I can’t quite remember the first time I met “Fred”*. Maybe it was the day we painted the house yellow….and green…and orange. He wasn’t one of the usual “vendor walkers”; the people who pass by our house with bags full of empty beer cans only to walk back in the other direction with a king can or two. Stopping at our fence, half bowing, holding his hand palm up and out to the side, with body language he tried to indicate that he was a friendly, safe person, he said “I mean you no harm,” one of his sayings oft to be heard. Respect was evident as he whipped off his ball cap and held it against his chest to speak to me with a twinkle in his eye. And his laugh; oh, it is a laugh that would either peel the bark off trees or work its way into your heart until you find yourself, surprisingly, giggling right along with him.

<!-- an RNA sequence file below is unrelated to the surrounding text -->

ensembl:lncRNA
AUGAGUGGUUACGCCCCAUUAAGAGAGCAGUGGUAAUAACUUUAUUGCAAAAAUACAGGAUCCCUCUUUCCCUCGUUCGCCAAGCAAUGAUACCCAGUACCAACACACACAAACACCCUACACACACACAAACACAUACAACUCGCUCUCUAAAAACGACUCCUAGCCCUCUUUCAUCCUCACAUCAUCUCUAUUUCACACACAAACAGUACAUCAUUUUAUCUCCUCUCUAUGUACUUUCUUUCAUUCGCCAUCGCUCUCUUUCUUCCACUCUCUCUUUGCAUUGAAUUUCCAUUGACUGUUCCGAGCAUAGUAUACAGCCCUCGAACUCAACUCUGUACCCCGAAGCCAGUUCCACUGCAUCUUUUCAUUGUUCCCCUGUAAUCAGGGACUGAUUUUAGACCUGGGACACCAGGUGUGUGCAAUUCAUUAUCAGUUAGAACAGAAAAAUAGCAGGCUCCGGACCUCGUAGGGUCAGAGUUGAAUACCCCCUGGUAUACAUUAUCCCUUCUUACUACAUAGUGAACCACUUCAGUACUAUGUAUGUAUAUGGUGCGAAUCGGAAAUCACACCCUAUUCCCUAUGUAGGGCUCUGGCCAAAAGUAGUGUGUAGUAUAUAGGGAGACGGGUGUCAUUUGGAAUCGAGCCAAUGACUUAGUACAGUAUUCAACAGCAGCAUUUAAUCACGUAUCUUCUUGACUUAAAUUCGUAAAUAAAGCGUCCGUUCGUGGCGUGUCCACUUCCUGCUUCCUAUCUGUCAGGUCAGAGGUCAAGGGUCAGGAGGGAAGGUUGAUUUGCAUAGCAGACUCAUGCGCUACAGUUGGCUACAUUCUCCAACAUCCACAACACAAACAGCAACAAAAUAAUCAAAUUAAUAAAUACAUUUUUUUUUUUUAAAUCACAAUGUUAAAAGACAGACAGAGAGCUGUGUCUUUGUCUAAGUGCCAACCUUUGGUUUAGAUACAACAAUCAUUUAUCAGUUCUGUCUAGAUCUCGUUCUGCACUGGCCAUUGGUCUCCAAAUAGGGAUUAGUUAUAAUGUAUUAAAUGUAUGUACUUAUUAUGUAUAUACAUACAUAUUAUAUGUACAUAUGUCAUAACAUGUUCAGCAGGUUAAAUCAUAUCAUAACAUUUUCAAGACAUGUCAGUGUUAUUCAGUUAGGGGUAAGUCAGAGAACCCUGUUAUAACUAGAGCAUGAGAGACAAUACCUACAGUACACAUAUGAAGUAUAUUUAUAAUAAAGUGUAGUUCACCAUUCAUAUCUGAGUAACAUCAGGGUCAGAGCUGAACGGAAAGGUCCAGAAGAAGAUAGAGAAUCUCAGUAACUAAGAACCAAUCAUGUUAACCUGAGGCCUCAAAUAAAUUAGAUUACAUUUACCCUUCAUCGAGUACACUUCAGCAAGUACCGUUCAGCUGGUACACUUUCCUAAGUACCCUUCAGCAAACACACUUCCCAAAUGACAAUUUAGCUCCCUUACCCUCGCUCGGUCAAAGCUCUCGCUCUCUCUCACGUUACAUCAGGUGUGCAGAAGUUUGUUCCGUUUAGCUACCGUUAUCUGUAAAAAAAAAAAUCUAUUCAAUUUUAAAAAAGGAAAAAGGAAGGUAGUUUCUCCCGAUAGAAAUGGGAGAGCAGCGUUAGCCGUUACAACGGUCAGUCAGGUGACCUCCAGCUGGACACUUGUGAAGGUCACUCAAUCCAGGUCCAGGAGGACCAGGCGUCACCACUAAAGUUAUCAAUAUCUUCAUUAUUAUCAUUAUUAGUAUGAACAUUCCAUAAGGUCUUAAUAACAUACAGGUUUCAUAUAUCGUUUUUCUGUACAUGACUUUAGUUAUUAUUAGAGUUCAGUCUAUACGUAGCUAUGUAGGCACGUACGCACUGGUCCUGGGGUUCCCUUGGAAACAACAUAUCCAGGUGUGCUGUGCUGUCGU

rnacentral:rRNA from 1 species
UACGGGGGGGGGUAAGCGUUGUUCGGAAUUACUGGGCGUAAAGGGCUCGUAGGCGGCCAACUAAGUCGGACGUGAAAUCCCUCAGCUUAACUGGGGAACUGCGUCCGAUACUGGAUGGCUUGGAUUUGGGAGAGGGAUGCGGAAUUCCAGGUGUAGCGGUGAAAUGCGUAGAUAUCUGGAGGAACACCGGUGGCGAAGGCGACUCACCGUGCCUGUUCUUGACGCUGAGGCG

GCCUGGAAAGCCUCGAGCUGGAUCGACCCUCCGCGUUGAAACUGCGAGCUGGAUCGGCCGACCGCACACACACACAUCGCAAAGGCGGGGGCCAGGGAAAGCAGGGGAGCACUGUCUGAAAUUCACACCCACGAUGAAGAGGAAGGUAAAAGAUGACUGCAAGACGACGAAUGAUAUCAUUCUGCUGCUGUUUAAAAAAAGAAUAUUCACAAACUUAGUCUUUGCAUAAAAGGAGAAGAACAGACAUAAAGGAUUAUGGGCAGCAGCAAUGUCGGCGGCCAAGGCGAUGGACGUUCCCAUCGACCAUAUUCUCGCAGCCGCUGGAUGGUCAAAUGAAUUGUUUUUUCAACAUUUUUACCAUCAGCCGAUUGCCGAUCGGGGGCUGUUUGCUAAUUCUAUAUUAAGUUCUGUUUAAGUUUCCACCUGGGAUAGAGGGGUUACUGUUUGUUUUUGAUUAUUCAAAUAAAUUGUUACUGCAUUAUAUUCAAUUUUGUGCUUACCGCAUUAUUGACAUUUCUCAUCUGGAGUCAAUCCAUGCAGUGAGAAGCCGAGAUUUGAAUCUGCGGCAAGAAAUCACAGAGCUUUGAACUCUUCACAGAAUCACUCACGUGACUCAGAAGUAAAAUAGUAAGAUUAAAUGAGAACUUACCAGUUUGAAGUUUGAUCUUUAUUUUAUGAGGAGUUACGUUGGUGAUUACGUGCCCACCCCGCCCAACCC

Fred is a native man. Fred is a gay man: effeminate in presentation, well spoken, extremely tidy, every hair in place and clothing always clean and presentable. He lives in a rooming house down the street.
Ever since Fred learned that my name is Jodi he has jokingly referred to me as the actress Jodie Foster. Every time he passed by he would stop and say things like, “Ms. Foster, you’re back in your vacation home, I thought I saw a limo go by.” Then laugh and laugh. Or, “Miss Foster, I told my cousin, ‘You know who lives in the neighborhood now? Jodie Foster!’ And he said, ‘Nooo.’ And I said ‘yes, in that yellow house, it’s her vacation home.’” Fred thought this was all very funny every time he said it, and it was often.